Last weekend's horror in Santa Barbara, California, where 22-year-old Elliot Rodger killed six people and wounded more than a dozen before shooting himself, unexpectedly sparked a feminist moment. With revelations that Rodger's killing spree was fueled by anger over rejection by women and that he had posted on what some described as a "men's rights" forum (actually, a forum for bitter "involuntarily celibate" men), many rushed to frame the shooting as a stark example of the violent misogyny said to be pervasive in our culture. The Twitter hashtag #YesAllWomen sprung up as an expression of solidarity and a reminder of the ubiquity of male terrorism and abuse in women's lives. Most of the posters in the hashtag were certainly motivated by the best of intentions. But in the end, writes Cathy Young, this response not only appropriated a human tragedy for an ideological agenda but turned it into toxic gender warfare.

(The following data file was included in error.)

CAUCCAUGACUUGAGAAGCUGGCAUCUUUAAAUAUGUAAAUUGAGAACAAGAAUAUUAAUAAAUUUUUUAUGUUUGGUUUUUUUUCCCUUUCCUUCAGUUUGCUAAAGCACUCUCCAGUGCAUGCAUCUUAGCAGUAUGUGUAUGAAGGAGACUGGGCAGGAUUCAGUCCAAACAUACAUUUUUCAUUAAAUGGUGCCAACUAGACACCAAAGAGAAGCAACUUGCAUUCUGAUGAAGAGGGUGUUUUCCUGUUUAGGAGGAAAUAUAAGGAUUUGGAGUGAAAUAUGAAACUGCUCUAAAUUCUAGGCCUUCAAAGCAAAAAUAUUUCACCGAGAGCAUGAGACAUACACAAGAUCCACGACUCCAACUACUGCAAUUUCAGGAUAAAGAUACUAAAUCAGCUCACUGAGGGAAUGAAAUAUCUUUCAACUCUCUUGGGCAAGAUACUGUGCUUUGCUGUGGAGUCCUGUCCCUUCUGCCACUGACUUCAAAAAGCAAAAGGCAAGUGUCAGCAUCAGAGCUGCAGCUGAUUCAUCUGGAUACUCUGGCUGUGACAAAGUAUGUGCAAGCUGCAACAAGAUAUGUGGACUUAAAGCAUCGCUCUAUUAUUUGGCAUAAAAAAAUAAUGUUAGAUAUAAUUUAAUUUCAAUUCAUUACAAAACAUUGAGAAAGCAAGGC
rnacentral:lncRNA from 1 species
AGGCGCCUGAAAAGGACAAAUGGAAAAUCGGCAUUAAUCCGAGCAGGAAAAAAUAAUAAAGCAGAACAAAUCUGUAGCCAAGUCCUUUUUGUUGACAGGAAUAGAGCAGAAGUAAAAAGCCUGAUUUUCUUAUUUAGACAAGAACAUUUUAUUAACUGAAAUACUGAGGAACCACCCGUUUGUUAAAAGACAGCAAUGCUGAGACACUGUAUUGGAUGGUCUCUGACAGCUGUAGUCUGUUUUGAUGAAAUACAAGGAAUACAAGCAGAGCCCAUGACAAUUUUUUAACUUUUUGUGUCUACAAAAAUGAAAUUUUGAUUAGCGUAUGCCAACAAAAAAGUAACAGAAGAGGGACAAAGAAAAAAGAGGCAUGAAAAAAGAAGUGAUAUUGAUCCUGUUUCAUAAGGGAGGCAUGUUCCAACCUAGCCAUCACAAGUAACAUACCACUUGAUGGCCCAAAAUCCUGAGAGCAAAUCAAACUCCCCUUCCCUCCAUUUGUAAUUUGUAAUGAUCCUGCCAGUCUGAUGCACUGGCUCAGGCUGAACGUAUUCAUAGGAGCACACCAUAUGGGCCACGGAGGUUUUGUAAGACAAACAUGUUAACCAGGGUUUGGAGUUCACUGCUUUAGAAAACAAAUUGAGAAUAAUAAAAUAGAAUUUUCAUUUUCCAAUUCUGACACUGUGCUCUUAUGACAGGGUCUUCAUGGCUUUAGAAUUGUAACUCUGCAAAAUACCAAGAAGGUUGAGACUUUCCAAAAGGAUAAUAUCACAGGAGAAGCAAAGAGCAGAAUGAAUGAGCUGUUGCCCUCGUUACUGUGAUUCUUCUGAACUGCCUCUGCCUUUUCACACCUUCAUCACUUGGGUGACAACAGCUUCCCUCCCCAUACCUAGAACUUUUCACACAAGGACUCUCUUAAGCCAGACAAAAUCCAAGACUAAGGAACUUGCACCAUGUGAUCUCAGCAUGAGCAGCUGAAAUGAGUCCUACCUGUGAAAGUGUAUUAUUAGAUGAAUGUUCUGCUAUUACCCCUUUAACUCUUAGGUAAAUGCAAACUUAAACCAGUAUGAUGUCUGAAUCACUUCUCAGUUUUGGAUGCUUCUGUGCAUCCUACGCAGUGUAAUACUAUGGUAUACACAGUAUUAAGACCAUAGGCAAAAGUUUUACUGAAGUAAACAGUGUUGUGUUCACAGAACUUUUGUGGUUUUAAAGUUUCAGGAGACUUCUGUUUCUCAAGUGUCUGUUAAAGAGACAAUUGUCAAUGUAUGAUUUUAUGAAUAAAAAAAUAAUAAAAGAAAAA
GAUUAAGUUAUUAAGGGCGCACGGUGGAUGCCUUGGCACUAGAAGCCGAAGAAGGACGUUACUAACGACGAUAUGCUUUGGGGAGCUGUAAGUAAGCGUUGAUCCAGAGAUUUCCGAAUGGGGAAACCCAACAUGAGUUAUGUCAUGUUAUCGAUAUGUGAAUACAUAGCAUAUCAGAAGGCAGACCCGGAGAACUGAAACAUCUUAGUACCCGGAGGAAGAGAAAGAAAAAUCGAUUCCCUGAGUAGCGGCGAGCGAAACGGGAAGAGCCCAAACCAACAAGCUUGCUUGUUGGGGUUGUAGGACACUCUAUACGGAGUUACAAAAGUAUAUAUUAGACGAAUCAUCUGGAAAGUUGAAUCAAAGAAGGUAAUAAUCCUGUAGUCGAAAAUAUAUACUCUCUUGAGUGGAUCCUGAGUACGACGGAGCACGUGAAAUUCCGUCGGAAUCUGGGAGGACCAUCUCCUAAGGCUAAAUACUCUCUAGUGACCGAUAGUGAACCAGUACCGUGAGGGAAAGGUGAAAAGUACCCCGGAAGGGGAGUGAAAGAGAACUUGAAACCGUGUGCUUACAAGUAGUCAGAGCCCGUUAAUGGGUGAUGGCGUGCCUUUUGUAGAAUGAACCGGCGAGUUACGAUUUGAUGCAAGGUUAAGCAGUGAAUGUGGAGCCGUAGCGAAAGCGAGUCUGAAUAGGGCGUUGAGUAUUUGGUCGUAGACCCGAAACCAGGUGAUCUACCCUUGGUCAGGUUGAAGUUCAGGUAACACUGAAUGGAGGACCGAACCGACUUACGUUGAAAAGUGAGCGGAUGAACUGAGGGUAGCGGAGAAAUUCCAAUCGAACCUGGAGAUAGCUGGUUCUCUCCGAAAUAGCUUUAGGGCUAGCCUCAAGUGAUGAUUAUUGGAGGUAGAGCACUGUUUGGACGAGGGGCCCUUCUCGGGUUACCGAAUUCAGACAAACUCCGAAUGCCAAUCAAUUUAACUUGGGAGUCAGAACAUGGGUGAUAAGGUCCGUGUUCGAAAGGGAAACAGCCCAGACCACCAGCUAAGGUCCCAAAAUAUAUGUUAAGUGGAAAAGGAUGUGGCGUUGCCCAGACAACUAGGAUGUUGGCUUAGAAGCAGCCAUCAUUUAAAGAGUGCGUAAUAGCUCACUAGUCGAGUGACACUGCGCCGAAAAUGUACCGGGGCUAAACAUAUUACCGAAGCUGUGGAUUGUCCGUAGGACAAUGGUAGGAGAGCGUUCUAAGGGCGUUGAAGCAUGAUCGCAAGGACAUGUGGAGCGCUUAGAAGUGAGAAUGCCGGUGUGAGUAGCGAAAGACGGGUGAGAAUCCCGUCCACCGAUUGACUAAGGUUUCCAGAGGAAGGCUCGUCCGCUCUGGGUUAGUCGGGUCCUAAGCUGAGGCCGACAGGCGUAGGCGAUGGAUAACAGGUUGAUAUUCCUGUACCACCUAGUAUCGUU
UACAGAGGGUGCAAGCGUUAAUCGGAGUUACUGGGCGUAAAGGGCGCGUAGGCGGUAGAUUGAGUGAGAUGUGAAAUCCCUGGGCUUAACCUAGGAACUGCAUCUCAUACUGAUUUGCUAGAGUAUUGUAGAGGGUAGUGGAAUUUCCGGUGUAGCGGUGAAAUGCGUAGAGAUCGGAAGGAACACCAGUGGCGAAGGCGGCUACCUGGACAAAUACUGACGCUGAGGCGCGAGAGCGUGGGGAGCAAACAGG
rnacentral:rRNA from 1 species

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University of Oklahoma Diversity Training Forces Students and Faculty To Affirm the School's Political Views
The mandatory online training requires users to select the “right” speech before they finish.
Daunte Wright Shooting a Reminder That It's Not Cops Who Should Fear for Their Lives During Traffic Stops
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The president is picking fights with much of the population and further dividing the country.